By Andrew Torchia
DUBAI (Reuters) - The United Arab Emirates and Bahrain expect to be removed from the European Union's tax-haven blacklist after taking steps to block tax avoidance by companies, the governments of the two countries said on Thursday.
Two days ago, EU finance ministers included the UAE and Bahrain on a new blacklist of 17 jurisdictions deemed to be tax havens. Inclusion on the list could affect billions of dollars of capital flows through both countries, which are Middle Eastern banking centres.
Countries on the blacklist may no longer be used by EU institutions for international financial operations, and transactions involving them could be subject to closer scrutiny.
On Thursday, both the UAE and Bahrain said they did not deserve to be on the list because they had already taken many steps to exchange financial information with other countries. But they pledged to do more to satisfy the EU.
"We have committed to a reform process which will be finalised by October 2018, and we are absolutely confident this will ensure the UAE is swiftly removed from the list," the UAE said.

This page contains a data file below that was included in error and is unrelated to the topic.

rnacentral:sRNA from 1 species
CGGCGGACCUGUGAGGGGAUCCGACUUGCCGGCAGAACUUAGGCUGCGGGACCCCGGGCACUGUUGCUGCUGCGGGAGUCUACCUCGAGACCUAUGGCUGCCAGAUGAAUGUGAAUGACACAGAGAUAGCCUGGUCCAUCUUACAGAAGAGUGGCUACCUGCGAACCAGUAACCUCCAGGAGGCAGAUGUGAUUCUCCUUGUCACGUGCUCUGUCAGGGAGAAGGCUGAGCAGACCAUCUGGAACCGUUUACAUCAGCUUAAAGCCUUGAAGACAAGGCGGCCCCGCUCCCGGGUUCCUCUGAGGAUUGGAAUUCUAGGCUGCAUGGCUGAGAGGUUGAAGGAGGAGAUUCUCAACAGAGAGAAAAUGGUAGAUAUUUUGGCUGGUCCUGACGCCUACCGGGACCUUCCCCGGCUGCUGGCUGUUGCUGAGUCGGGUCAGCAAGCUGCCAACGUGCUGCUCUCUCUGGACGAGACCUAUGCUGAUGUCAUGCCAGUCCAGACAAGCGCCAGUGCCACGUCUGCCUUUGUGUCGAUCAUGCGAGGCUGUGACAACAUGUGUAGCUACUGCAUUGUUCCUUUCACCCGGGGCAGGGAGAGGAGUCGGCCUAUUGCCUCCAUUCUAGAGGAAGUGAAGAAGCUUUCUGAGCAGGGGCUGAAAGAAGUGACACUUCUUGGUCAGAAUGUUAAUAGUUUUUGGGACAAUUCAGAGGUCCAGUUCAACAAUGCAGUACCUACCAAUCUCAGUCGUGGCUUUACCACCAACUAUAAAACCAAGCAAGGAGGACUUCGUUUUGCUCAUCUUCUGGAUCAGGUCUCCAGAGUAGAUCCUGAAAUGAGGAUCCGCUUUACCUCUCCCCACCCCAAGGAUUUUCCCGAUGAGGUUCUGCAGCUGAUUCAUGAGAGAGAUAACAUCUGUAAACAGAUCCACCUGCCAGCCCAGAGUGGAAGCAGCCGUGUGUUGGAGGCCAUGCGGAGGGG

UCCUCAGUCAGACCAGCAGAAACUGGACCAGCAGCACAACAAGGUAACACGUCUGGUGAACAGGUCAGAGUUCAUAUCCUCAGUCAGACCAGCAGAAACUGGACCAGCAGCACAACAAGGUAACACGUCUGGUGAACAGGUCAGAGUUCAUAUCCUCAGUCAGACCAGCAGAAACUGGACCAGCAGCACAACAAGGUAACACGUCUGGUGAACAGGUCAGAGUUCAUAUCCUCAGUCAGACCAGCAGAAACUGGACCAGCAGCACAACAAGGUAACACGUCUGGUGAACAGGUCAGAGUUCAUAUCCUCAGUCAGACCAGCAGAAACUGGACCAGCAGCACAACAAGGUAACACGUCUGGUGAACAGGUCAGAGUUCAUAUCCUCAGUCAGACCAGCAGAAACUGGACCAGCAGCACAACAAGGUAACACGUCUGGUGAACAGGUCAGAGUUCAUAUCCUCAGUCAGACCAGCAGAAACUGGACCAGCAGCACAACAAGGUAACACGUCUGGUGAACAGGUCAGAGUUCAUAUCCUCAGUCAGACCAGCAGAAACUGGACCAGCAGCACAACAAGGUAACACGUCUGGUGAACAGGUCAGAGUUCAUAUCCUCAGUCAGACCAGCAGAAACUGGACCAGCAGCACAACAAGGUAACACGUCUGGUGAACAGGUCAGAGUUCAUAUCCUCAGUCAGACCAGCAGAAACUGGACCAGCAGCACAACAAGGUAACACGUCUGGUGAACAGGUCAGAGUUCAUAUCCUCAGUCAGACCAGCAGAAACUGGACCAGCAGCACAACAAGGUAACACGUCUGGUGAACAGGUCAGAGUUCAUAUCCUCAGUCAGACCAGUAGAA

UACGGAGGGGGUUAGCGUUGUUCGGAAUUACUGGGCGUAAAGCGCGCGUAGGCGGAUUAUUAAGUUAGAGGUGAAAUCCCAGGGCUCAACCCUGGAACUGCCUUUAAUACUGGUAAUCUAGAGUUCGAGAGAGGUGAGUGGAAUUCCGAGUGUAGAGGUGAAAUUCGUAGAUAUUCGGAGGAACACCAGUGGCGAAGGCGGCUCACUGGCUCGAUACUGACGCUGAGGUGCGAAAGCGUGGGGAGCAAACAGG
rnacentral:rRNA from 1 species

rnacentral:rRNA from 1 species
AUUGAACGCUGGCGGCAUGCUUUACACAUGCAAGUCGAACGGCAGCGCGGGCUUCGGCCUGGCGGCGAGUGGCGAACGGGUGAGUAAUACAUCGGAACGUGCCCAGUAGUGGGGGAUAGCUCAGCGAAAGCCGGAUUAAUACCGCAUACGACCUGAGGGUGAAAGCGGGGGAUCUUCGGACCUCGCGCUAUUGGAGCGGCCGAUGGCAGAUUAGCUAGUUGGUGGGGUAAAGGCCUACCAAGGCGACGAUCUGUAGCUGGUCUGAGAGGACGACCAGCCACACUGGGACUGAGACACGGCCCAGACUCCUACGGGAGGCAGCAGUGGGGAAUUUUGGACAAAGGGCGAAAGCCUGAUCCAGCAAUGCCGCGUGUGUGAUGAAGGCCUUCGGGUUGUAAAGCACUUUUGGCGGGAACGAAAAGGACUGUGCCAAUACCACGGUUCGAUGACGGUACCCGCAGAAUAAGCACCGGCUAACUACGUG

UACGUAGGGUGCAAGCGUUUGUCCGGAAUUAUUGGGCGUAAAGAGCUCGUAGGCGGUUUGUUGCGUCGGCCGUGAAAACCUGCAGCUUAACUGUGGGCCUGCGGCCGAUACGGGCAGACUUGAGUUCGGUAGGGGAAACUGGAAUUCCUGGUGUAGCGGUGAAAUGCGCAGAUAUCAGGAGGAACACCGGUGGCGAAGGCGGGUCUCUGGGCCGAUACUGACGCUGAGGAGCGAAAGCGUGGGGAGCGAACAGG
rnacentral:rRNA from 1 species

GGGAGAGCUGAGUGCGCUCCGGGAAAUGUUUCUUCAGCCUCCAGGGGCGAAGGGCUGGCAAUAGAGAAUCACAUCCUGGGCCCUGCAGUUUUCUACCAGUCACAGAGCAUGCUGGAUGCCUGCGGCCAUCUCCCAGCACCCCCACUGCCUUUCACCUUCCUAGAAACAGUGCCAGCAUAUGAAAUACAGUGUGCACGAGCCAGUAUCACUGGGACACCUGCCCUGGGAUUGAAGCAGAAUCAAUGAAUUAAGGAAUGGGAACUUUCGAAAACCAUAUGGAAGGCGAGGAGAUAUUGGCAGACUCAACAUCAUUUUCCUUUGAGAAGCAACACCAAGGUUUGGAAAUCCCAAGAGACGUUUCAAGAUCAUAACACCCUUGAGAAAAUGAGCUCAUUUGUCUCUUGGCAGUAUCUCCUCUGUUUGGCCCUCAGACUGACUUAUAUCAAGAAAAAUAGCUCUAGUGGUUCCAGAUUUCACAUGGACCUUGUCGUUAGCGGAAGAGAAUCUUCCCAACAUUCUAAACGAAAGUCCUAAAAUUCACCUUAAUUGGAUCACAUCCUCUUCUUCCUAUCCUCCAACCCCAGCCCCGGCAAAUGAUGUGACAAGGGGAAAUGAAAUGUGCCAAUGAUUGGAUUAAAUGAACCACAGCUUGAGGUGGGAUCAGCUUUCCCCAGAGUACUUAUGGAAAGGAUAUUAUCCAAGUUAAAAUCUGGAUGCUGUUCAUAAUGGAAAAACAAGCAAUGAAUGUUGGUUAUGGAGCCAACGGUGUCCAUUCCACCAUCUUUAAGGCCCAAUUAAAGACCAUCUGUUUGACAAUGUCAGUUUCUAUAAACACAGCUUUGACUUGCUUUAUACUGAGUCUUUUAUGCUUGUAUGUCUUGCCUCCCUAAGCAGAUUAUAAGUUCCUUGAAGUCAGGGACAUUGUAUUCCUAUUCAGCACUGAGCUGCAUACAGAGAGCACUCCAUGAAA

It said its only outstanding issue with the EU was implementing the BEPS Minimum Standard. BEPS is a set of policies to tackle tax avoidance strategies that allow multinational companies to shift profits artificially to low or no-tax locations.
The UAE has committed to finalising implementation of BEPS by October 2018 and ratifying it by March 2019, a schedule which would give the country's federal structure enough time to ratify the measure across all seven emirates, the government said.
"We stand by this realistic timeline," it said, adding that it was confident of being recognised as an internationally compliant tax jurisdiction at the EU’s next review.
Bahrain said its national assembly had begun the process of approving agreements that would allow it to collect information from its financial institutions and automatically exchange it every year with other countries.
The government also said it would commit to becoming a member of the Inclusive Framework on BEPS, a group of over 100 countries and jurisdictions that cooperate to implement BEPS policies.
"Bahrain will initiate dialogue with the EU on this matter, to ensure understanding and recognition of the Kingdom's efforts to ensure financial transparency, international cooperation and a robust regulatory environment," it said.
(Reporting by Andrew Torchia, editing by Larry King)